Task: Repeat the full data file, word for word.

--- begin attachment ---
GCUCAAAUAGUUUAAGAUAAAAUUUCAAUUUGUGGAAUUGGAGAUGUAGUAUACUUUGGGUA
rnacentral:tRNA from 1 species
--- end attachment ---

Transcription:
GCUCAAAUAGUUUAAGAUAAAAUUUCAAUUUGUGGAAUUGGAGAUGUAGUAUACUUUGGGUA
rnacentral:tRNA from 1 species